TORONTO: Filmmaker Werner Herzog pointed to Nazi Germany on Friday to make his case against capital punishment at a screening of his latest documentary “Into the Abyss,” examining a grisly death penalty case.
“I'm against it, but I don't even have an argument,” he told an audience at the world premiere for his film at the Toronto International Film Festival, adding: “I have a story -- the story of Nazi Germany.”
He pointed to mass executions by the Nazis during the Second World War of people due to their religion, for being disabled or a foreigner.
“No one from my generation, none of my peers, is for capital punishment,” said the 71-year-old German director. “It's as simple as that.”
His new film delves into a “senseless” triple murder of a woman, her son and his friend in Conroe, Texas 10 years ago.
Michael Perry and Jason Burkett, both teenagers at the time, were convicted of the heinous crime that started with the theft of a car for a joyride.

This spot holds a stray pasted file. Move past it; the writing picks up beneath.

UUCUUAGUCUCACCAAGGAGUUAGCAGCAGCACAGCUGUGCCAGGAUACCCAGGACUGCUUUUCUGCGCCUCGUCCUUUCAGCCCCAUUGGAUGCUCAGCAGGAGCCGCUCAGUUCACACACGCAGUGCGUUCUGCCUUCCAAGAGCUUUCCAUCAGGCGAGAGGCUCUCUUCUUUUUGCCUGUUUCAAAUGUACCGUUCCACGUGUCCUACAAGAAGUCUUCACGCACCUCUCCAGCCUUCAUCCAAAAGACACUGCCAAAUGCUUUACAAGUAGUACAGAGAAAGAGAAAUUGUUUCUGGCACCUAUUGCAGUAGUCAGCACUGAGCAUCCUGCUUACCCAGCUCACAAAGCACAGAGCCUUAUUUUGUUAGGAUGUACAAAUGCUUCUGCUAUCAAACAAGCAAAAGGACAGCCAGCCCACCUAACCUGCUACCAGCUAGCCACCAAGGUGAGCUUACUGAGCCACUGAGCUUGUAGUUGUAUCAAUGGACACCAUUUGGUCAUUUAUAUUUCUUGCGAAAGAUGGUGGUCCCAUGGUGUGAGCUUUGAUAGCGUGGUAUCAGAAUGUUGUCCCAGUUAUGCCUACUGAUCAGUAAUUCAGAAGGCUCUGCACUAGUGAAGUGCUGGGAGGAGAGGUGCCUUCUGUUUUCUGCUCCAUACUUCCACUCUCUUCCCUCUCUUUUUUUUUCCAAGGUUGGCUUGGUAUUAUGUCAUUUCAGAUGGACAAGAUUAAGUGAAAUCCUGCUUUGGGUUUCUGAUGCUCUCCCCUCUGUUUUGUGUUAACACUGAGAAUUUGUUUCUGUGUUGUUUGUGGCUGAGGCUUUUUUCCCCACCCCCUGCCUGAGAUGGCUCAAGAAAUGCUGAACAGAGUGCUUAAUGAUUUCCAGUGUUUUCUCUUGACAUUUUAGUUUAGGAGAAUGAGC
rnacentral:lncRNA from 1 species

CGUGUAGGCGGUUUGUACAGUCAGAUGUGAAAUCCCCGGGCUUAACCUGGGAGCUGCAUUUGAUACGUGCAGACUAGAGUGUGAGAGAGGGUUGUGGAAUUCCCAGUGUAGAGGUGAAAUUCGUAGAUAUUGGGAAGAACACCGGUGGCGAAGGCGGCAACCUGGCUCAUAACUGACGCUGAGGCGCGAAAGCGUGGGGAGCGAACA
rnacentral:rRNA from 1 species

“None of them are monsters,” he said. “The crimes are monstrous, but people are human beings.” Burkett was sentenced to life in prison after an emotional plea from his father, but Herzog's prison interview with Perry took place eight days before his execution on July 1, 2010.
The acclaimed filmmaker does not dispute the evidence in the case or the convictions, but makes a strong case against state-sanctioned killing.
“When I talk to you, it does not necessarily mean that I have to like you,”Herzog tells Perry in the film. “But... I do not think human beings should be executed as simply as that.”
He also interviews Perry's and Burkett's families, the victims' families, policemen and others, taking viewers on a journey through American gothic from posh homes to ramshackle trailers to prison cells, peeling away the cold and compassionate layers of humanity.
Herzog said he is continuing to shoot new material for a television series based on the film that will air on Investigation Discovery next year in the United States.